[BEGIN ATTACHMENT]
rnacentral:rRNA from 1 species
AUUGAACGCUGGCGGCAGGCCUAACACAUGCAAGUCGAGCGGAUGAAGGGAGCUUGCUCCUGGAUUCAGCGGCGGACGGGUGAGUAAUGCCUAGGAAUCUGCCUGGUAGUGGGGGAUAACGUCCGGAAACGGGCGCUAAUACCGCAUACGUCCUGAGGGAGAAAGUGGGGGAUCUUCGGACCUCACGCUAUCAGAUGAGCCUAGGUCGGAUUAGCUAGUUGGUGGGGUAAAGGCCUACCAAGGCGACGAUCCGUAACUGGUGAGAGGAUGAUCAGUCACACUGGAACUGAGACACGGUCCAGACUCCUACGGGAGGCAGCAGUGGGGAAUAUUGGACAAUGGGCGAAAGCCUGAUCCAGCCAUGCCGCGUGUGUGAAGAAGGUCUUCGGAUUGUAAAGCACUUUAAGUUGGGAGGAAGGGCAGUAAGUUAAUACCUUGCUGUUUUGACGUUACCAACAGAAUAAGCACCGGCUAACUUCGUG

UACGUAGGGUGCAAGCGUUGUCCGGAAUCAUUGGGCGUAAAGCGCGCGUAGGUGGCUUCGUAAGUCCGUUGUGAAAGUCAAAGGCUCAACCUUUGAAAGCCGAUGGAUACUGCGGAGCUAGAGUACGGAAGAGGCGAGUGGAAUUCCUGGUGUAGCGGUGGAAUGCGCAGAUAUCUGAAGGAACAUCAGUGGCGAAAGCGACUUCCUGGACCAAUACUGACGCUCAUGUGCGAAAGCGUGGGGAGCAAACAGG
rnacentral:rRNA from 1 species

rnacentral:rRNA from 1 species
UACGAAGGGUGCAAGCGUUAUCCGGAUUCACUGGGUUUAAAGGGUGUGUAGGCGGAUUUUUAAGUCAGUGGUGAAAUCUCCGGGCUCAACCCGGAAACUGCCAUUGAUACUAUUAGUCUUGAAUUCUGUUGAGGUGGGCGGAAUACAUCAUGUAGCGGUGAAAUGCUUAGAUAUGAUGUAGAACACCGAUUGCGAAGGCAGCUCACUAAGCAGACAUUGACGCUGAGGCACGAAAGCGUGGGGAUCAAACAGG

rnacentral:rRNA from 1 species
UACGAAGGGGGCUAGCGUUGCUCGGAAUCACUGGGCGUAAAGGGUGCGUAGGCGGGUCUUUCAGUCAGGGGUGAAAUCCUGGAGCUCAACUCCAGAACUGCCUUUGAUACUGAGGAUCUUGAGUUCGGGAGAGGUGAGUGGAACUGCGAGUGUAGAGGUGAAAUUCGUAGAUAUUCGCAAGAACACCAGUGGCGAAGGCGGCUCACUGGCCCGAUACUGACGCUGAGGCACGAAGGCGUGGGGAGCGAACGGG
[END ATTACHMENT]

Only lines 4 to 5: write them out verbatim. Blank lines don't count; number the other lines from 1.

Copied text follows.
rnacentral:rRNA from 1 species

rnacentral:rRNA from 1 species